Institute for Justice · May 26, 2017

Arlington, Va.— In a major victory for Big Sky families, the Flathead County District Court has ruled that the Montana Department of Revenue made a “mistake of law” when it tried to exclude students attending religious schools from the state’s school choice program. As a result, the program is now returned to the way the state Legislature intended—allowing all low-income families to apply for scholarships to attend the private school of their choice, regardless of whether their chosen school is religious or secular. In December 2015, the Institute for Justice and three families who want to apply for scholarships under the program filed a lawsuit against the Department of Revenue.

“The court recognized that it is perfectly constitutional for the Legislature to create this program for families who wish to send their children to any private school, not just nonreligious schools,” said Dick Komer, a senior attorney at the Institute for Justice.

The scholarship program was enacted in May 2015 after the Legislature decided that all parents should have the opportunity to choose their children’s schools, regardless of the size of their bank account. The program provides a modest tax credit (up to $150 annually) to individuals and businesses who donate to private scholarship organizations. Those scholarship organizations (SOs) can then use the donations to give scholarships to families who want to send their children to private schools.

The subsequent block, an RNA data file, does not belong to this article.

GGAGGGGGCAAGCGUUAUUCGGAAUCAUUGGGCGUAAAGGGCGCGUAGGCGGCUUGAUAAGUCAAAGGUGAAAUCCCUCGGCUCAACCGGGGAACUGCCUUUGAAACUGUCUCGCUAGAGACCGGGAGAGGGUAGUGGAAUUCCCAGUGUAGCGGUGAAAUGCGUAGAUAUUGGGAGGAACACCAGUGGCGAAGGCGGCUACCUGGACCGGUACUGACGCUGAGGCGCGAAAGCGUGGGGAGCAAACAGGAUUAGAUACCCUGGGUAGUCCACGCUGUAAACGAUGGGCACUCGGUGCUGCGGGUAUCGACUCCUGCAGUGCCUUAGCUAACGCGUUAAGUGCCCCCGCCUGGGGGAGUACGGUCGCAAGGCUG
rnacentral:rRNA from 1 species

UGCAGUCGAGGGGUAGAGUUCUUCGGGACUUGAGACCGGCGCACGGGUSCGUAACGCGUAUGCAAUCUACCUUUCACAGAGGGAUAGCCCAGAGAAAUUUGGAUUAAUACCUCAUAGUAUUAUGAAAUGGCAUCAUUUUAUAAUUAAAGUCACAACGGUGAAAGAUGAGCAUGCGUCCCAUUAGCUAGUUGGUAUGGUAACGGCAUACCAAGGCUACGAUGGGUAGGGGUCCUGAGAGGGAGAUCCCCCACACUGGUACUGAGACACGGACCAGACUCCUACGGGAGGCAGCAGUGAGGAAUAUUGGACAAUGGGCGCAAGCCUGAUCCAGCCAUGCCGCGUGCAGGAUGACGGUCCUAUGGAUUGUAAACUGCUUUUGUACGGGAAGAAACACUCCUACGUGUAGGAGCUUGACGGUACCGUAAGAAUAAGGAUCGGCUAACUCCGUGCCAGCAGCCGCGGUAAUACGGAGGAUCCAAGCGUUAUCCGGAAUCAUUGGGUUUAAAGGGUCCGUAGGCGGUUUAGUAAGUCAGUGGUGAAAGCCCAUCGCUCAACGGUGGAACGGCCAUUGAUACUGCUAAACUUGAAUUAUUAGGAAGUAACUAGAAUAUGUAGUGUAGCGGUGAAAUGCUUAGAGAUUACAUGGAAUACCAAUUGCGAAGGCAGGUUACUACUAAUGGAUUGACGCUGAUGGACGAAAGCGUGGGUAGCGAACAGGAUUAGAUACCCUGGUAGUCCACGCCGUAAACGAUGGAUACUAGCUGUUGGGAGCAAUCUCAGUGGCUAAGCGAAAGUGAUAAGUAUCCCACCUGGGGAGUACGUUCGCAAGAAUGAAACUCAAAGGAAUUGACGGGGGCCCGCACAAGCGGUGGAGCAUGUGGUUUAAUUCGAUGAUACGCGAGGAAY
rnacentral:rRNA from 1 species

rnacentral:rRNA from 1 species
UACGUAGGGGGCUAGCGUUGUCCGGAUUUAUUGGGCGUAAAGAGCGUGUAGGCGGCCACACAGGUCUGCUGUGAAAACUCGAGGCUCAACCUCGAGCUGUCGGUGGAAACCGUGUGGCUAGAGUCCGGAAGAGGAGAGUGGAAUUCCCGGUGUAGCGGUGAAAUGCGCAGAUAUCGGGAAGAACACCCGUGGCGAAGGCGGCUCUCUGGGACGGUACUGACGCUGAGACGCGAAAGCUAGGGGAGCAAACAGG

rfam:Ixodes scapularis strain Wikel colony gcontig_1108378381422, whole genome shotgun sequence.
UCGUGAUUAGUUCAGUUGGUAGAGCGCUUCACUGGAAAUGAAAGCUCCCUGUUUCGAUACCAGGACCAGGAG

“What a wonderful victory this is for all the families in Montana who have chosen private education for their children. We are thrilled and encouraged,” said Kendra Espinoza, one of the parents who fought to protect the law in court. “This is going to make such a difference for all the parents who will now have the opportunity to send, or continue to send, their children to the school of their choice.”

The Department of Revenue claimed it had the authority to enact its rule excluding families attending religious schools under the Montana Constitution’s Article X, Section 6(1) and Article V, Section 11(5)—both of which prevent the state from giving public funds to religious organizations. As the court found, these provisions only limit the state in spending “public appropriations” at religious organizations. As the court found, however, the school choice program is not funded by public appropriations, but instead by private donations given in exchange for tax credits.

“There are so many families who have never hoped to be able to afford private school for their children. This decision is a game changer for them,” said IJ Attorney Erica Smith, who was co-counsel on the case.

IJ has successfully defended numerous school choice programs, including twice in the U.S. Supreme Court. It currently has three other school choice cases pending in Colorado, Georgia and Florida.

The plaintiffs are also represented by Bill Mercer of Holland & Hart LLP in Billings, who is serving as local counsel in the case.